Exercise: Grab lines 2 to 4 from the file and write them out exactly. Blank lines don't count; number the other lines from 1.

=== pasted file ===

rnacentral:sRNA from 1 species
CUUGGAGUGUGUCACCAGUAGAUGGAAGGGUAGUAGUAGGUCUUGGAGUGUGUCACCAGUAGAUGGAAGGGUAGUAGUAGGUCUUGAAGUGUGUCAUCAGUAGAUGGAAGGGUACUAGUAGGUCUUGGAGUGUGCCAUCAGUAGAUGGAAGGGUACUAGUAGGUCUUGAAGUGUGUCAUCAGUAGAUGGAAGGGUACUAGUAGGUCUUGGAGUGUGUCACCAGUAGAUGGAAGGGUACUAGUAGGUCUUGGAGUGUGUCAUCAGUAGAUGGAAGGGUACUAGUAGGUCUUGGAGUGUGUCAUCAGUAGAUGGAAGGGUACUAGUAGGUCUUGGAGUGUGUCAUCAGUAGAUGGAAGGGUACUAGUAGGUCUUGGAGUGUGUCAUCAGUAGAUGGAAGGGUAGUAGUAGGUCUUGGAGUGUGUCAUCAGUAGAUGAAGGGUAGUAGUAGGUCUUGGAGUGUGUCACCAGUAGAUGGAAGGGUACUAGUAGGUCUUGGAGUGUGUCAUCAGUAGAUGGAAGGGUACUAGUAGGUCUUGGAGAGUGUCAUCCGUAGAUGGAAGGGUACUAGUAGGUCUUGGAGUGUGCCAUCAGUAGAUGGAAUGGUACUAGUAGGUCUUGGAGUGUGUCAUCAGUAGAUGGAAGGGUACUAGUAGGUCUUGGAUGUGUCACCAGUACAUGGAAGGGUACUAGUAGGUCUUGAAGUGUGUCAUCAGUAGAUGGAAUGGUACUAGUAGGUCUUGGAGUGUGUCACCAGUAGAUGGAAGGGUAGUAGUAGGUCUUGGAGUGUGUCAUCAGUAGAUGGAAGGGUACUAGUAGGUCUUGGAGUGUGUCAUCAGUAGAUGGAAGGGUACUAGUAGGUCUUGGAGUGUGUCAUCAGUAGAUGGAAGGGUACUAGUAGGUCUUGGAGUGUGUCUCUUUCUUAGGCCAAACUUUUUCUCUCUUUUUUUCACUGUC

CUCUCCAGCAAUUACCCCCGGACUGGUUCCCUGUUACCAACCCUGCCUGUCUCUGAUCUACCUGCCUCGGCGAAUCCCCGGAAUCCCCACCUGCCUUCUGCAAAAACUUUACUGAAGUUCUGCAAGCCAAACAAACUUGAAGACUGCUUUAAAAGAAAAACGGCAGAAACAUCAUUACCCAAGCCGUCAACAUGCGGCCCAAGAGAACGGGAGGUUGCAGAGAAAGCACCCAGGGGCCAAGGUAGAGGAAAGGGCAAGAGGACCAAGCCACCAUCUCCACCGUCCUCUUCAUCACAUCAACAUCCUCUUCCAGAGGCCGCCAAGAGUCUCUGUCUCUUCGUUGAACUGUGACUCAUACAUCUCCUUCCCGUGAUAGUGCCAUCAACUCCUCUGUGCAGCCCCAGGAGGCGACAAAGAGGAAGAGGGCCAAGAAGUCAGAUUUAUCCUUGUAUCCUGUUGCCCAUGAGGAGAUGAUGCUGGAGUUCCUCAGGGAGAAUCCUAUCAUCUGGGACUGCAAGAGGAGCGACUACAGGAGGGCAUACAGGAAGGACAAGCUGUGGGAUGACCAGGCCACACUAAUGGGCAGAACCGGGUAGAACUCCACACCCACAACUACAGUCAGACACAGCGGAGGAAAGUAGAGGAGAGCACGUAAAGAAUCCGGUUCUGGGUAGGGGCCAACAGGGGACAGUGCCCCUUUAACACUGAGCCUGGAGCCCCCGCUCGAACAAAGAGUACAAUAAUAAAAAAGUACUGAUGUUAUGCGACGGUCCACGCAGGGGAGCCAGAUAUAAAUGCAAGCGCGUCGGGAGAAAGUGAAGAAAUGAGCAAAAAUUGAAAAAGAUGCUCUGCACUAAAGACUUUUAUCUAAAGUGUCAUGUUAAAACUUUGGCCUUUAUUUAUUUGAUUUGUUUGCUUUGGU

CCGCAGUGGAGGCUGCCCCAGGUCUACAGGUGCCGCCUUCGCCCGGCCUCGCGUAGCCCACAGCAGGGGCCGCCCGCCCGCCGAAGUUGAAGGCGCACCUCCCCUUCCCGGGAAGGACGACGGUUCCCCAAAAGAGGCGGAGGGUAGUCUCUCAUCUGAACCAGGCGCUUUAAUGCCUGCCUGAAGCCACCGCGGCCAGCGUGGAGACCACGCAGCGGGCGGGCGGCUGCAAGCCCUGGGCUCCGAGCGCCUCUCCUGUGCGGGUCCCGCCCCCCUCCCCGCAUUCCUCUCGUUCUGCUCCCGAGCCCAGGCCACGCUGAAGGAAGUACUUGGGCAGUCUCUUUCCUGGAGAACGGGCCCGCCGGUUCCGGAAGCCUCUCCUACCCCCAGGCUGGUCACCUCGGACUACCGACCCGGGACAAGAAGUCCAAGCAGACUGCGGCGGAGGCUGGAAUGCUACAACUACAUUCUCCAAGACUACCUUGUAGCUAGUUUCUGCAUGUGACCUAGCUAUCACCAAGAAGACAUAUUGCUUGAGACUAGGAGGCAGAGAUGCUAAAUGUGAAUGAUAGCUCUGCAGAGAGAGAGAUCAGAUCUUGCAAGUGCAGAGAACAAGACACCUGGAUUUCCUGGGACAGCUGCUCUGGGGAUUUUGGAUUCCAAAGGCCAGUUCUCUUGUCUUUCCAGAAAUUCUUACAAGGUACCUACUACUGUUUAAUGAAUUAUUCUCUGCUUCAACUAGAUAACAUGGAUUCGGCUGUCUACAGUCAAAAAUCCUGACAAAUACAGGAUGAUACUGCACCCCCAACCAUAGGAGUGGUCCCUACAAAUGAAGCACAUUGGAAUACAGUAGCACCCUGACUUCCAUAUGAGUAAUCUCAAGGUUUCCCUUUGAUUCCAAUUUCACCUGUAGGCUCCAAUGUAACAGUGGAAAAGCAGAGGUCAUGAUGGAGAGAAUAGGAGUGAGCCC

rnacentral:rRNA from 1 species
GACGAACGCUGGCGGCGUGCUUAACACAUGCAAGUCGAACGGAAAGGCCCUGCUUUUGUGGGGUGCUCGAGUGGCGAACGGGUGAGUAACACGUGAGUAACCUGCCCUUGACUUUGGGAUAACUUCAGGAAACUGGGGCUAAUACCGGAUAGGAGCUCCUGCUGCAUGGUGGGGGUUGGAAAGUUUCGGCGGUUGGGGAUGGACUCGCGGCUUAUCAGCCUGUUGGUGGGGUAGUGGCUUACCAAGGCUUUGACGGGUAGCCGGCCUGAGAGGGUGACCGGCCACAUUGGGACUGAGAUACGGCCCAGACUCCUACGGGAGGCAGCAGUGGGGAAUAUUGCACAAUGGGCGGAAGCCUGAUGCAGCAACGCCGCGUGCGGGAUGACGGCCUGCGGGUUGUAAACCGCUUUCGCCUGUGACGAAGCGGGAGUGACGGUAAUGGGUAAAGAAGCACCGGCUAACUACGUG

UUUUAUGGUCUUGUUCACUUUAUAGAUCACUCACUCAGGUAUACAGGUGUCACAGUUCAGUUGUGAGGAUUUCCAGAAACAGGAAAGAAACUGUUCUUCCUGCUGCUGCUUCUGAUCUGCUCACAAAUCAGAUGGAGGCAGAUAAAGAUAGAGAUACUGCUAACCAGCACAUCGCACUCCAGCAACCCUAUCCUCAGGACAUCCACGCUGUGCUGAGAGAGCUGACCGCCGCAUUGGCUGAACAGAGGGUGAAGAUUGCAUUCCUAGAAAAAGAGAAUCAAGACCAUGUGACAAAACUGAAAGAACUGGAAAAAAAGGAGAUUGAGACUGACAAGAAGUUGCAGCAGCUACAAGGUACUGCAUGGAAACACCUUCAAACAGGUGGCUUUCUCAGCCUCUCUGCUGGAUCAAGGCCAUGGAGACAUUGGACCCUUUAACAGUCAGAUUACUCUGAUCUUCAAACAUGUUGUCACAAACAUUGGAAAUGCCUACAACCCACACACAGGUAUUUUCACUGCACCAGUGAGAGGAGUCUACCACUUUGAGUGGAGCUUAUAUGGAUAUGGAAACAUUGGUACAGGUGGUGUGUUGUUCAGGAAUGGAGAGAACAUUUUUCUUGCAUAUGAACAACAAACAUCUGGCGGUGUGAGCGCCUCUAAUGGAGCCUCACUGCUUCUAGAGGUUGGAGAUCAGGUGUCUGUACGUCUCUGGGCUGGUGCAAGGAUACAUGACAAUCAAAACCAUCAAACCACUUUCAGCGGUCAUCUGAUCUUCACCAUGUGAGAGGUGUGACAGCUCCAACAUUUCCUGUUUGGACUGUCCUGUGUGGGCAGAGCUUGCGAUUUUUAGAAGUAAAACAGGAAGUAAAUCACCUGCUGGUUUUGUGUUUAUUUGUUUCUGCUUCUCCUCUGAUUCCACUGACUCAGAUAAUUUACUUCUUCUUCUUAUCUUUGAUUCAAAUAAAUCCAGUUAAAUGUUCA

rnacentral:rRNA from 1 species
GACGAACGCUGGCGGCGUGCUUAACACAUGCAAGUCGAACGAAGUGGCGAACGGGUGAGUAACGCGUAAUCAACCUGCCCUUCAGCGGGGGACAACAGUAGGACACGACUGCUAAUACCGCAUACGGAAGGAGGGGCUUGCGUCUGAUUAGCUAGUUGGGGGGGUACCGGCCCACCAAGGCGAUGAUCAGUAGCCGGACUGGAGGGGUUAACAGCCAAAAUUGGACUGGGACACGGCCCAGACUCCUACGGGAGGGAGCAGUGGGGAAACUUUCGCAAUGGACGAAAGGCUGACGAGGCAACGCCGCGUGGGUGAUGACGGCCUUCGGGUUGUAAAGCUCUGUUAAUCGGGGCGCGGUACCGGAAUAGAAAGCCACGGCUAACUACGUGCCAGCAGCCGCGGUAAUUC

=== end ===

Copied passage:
CUUGGAGUGUGUCACCAGUAGAUGGAAGGGUAGUAGUAGGUCUUGGAGUGUGUCACCAGUAGAUGGAAGGGUAGUAGUAGGUCUUGAAGUGUGUCAUCAGUAGAUGGAAGGGUACUAGUAGGUCUUGGAGUGUGCCAUCAGUAGAUGGAAGGGUACUAGUAGGUCUUGAAGUGUGUCAUCAGUAGAUGGAAGGGUACUAGUAGGUCUUGGAGUGUGUCACCAGUAGAUGGAAGGGUACUAGUAGGUCUUGGAGUGUGUCAUCAGUAGAUGGAAGGGUACUAGUAGGUCUUGGAGUGUGUCAUCAGUAGAUGGAAGGGUACUAGUAGGUCUUGGAGUGUGUCAUCAGUAGAUGGAAGGGUACUAGUAGGUCUUGGAGUGUGUCAUCAGUAGAUGGAAGGGUAGUAGUAGGUCUUGGAGUGUGUCAUCAGUAGAUGAAGGGUAGUAGUAGGUCUUGGAGUGUGUCACCAGUAGAUGGAAGGGUACUAGUAGGUCUUGGAGUGUGUCAUCAGUAGAUGGAAGGGUACUAGUAGGUCUUGGAGAGUGUCAUCCGUAGAUGGAAGGGUACUAGUAGGUCUUGGAGUGUGCCAUCAGUAGAUGGAAUGGUACUAGUAGGUCUUGGAGUGUGUCAUCAGUAGAUGGAAGGGUACUAGUAGGUCUUGGAUGUGUCACCAGUACAUGGAAGGGUACUAGUAGGUCUUGAAGUGUGUCAUCAGUAGAUGGAAUGGUACUAGUAGGUCUUGGAGUGUGUCACCAGUAGAUGGAAGGGUAGUAGUAGGUCUUGGAGUGUGUCAUCAGUAGAUGGAAGGGUACUAGUAGGUCUUGGAGUGUGUCAUCAGUAGAUGGAAGGGUACUAGUAGGUCUUGGAGUGUGUCAUCAGUAGAUGGAAGGGUACUAGUAGGUCUUGGAGUGUGUCUCUUUCUUAGGCCAAACUUUUUCUCUCUUUUUUUCACUGUC

CUCUCCAGCAAUUACCCCCGGACUGGUUCCCUGUUACCAACCCUGCCUGUCUCUGAUCUACCUGCCUCGGCGAAUCCCCGGAAUCCCCACCUGCCUUCUGCAAAAACUUUACUGAAGUUCUGCAAGCCAAACAAACUUGAAGACUGCUUUAAAAGAAAAACGGCAGAAACAUCAUUACCCAAGCCGUCAACAUGCGGCCCAAGAGAACGGGAGGUUGCAGAGAAAGCACCCAGGGGCCAAGGUAGAGGAAAGGGCAAGAGGACCAAGCCACCAUCUCCACCGUCCUCUUCAUCACAUCAACAUCCUCUUCCAGAGGCCGCCAAGAGUCUCUGUCUCUUCGUUGAACUGUGACUCAUACAUCUCCUUCCCGUGAUAGUGCCAUCAACUCCUCUGUGCAGCCCCAGGAGGCGACAAAGAGGAAGAGGGCCAAGAAGUCAGAUUUAUCCUUGUAUCCUGUUGCCCAUGAGGAGAUGAUGCUGGAGUUCCUCAGGGAGAAUCCUAUCAUCUGGGACUGCAAGAGGAGCGACUACAGGAGGGCAUACAGGAAGGACAAGCUGUGGGAUGACCAGGCCACACUAAUGGGCAGAACCGGGUAGAACUCCACACCCACAACUACAGUCAGACACAGCGGAGGAAAGUAGAGGAGAGCACGUAAAGAAUCCGGUUCUGGGUAGGGGCCAACAGGGGACAGUGCCCCUUUAACACUGAGCCUGGAGCCCCCGCUCGAACAAAGAGUACAAUAAUAAAAAAGUACUGAUGUUAUGCGACGGUCCACGCAGGGGAGCCAGAUAUAAAUGCAAGCGCGUCGGGAGAAAGUGAAGAAAUGAGCAAAAAUUGAAAAAGAUGCUCUGCACUAAAGACUUUUAUCUAAAGUGUCAUGUUAAAACUUUGGCCUUUAUUUAUUUGAUUUGUUUGCUUUGGU

CCGCAGUGGAGGCUGCCCCAGGUCUACAGGUGCCGCCUUCGCCCGGCCUCGCGUAGCCCACAGCAGGGGCCGCCCGCCCGCCGAAGUUGAAGGCGCACCUCCCCUUCCCGGGAAGGACGACGGUUCCCCAAAAGAGGCGGAGGGUAGUCUCUCAUCUGAACCAGGCGCUUUAAUGCCUGCCUGAAGCCACCGCGGCCAGCGUGGAGACCACGCAGCGGGCGGGCGGCUGCAAGCCCUGGGCUCCGAGCGCCUCUCCUGUGCGGGUCCCGCCCCCCUCCCCGCAUUCCUCUCGUUCUGCUCCCGAGCCCAGGCCACGCUGAAGGAAGUACUUGGGCAGUCUCUUUCCUGGAGAACGGGCCCGCCGGUUCCGGAAGCCUCUCCUACCCCCAGGCUGGUCACCUCGGACUACCGACCCGGGACAAGAAGUCCAAGCAGACUGCGGCGGAGGCUGGAAUGCUACAACUACAUUCUCCAAGACUACCUUGUAGCUAGUUUCUGCAUGUGACCUAGCUAUCACCAAGAAGACAUAUUGCUUGAGACUAGGAGGCAGAGAUGCUAAAUGUGAAUGAUAGCUCUGCAGAGAGAGAGAUCAGAUCUUGCAAGUGCAGAGAACAAGACACCUGGAUUUCCUGGGACAGCUGCUCUGGGGAUUUUGGAUUCCAAAGGCCAGUUCUCUUGUCUUUCCAGAAAUUCUUACAAGGUACCUACUACUGUUUAAUGAAUUAUUCUCUGCUUCAACUAGAUAACAUGGAUUCGGCUGUCUACAGUCAAAAAUCCUGACAAAUACAGGAUGAUACUGCACCCCCAACCAUAGGAGUGGUCCCUACAAAUGAAGCACAUUGGAAUACAGUAGCACCCUGACUUCCAUAUGAGUAAUCUCAAGGUUUCCCUUUGAUUCCAAUUUCACCUGUAGGCUCCAAUGUAACAGUGGAAAAGCAGAGGUCAUGAUGGAGAGAAUAGGAGUGAGCCC